The Cineastes No. 3

Here comes trouble…..
   John Carpenter’s Big Trouble in Little China is a comedy. Undoubtedly. It is also an escapist film, a monster movie, a chop-saki flick, a love story, and a tribute to the movie serials of the 1930s. Its a shame that this film gets slammed for it too. Within the context of a Carpenter film, there is always a social message. I feel that all of his movies are character studies, and that applies for Big Trouble as well. It is a very enjoyable and fun film to watch, and at the same time, it satisfies my craving for an intelligent movie. A good movie should speak to its audience. If a film is intelligent and can hold your attention for more than five minutes, than there is clearly something genuine to it. Big Trouble in Little China keeps you hooked for its entire 100 minutes. Kurt Russell is Jack Burton; a dumb, wisecracking trucker who finds himself wrapped up in a quest to rescue his friend’s fiancee from the ancient, evil magician Lo Pan, an in adventure 2,000 years in the making, set in modern day Chinatown, San Francisco. Jack soon finds himself dodging demons, warriors, and other terrors from the great beyond. It sounds like a nice pitch for a movie. That’s probably why it was made into a movie. Believe it or not, Big Trouble was originally conceived as a western. Either way, the film is notable for its outrageous script. It is intentionally ridiculous, attempting to spoof the old movie serials of the day. And it succeeds, in lampooning not only one specific genre, but a wide variety. The clever script relies on its set of characters. Dialogue is a key factor in the design of each character, and personalizes them. Take Jack Burton for example. He is the protagonist, and is represented as the hero, the star of the show. Yet his actual heroism is questionable. You’ll notice he never does anything very heroic in the picture, he’s always hiding in the background. John Carpenter is playing with the theme of masculinity, here. Kurt Russell has been used frequently in Carpenter’s films. Fours years before Big Trouble, Russell played Snake Plissken in Escape From New York. Plissken is the quintessential, macho hero. Coincidentally, Russell stars as Jack Burton several years later. Jack Burton and Snake Plissken are two opposite personalities; Plissken the hero, and Burton the fool. Kurt Russell is poking fun at the character he played prior to that. Jack Burton, as an individual character, is a shout out to all the masculine heroes of the cinema. Notice too how the roles of hero and sidekick (essentially the “dynamic duo) shift between Burton and Wang Chi. Jack is the hero, but Wang Chi is prepared and knows what’s going on.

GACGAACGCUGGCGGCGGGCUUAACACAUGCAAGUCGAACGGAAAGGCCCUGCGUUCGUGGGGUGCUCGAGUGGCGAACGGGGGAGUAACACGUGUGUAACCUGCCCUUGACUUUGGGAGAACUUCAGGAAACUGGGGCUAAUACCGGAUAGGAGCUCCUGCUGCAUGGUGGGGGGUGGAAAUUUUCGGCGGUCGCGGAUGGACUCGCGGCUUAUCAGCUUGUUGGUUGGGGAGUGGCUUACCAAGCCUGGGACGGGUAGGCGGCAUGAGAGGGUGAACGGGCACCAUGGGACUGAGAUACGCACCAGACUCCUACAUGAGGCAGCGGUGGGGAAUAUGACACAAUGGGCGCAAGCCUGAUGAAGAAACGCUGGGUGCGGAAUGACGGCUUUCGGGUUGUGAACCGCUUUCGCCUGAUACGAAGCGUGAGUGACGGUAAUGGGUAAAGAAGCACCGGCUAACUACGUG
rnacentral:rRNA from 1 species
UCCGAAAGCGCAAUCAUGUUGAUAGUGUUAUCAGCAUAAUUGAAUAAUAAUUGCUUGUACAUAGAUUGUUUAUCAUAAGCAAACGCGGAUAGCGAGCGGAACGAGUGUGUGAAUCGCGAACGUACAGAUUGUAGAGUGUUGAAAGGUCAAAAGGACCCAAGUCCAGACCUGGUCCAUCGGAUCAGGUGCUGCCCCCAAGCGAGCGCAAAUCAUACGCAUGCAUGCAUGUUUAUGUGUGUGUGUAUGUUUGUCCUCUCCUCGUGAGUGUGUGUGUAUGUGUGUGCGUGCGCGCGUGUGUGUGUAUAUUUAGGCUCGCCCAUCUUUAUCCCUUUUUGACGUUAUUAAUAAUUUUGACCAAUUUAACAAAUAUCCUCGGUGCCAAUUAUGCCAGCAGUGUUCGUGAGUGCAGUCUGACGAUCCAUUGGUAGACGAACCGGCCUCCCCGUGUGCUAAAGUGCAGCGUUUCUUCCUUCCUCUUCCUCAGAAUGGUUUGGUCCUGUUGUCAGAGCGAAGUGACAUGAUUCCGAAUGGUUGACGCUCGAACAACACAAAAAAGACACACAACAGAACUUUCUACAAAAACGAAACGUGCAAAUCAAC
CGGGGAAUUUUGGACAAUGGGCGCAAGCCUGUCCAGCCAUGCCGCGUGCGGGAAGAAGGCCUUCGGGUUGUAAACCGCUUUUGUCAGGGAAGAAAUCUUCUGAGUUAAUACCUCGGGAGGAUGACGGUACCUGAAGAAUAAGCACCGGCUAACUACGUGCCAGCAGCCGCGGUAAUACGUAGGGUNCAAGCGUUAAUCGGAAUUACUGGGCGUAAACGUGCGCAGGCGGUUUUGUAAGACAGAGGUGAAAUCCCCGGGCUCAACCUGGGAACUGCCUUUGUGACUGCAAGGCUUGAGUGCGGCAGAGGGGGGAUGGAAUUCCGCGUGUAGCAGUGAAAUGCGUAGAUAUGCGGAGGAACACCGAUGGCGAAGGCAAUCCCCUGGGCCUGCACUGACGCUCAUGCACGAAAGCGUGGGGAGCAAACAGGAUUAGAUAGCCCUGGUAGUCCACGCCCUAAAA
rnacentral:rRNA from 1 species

” Are you ready Jack?”
The title ” Big Trouble in Little Chinais so for a reason. With “big trouble”, Carpenter is emphasizing the stupendous plot, and “little china”: the relatively small setting in which it takes place (Chinatown). Does that make sense? Just a little thought that occurred to me, that this film was made for a reason, not just to make millions. and it didn’t even make much money to begin with.
Big Trouble really is a character study, the strong cast bring a warmth to their characters and have the audience feeling there in the moment. Only a good number of movies can achieve that. It is in my opinion the most creative of Carpenter’s works. It is an innovation in escapist films, one of the best of the period. Period. Big Trouble in Little China is The Cineastes’ first blockbuster, and hopefully not the last. I feel we need to realize that great movies can be fun and enjoyable too. An outrageous comedy can at the same time be a masterpiece. Fans of the art film will most likely not enjoy this, and that is because they are traveling outside their comfort zone. But the cinema is a journey, where all doors must be open to fully understand it.
“No shit, Jack. No shit.”
dir. John Carpenter   USA   99mins.    20th Century Fox
Starring: Kurt Russell, Kim Cattrall, Dennis Dun, James Hong,
Victor Wong, Kate Burton, and Donald Li
Chosen by Eugene Lee a.k.a. “Crap Monster” at YGG’Noise

4 responses to “The Cineastes No. 3

  1. Astute article, I couldn’t agree with you more that this film has an undeserved reputation. And you bring up a good point that Carpenter’s films are character studies, which factors into the idea that we are following Burton despite him following Wang Chi. Good stuff.

  2. Love the connection between Burton and Plissken and the whole notion of masculinity. Its not something I got into but definitely worth exploring. And at the heart of it, despite all theoretical and critical discussions aside, the base charm of this film is its purely entertaining factor.

    Its simply such a hugely fun film to watch regardless of politics or the like.

    • True that. And I feel thats what Adam C. can’t quite get his finger on. The 1980s were full of escapist/blockbusters. You either love em’ or you don’t. But I feel that some blockbusters can be artistic, and this is one such film. It is also indeed, incredibly enjoyable to watch.

  3. Its not surprising nor is it completely without warrant though. I know plenty of people young and old that absolutely abhor the 80s.

    But of course on the flipside, people like us completely indulge in it.

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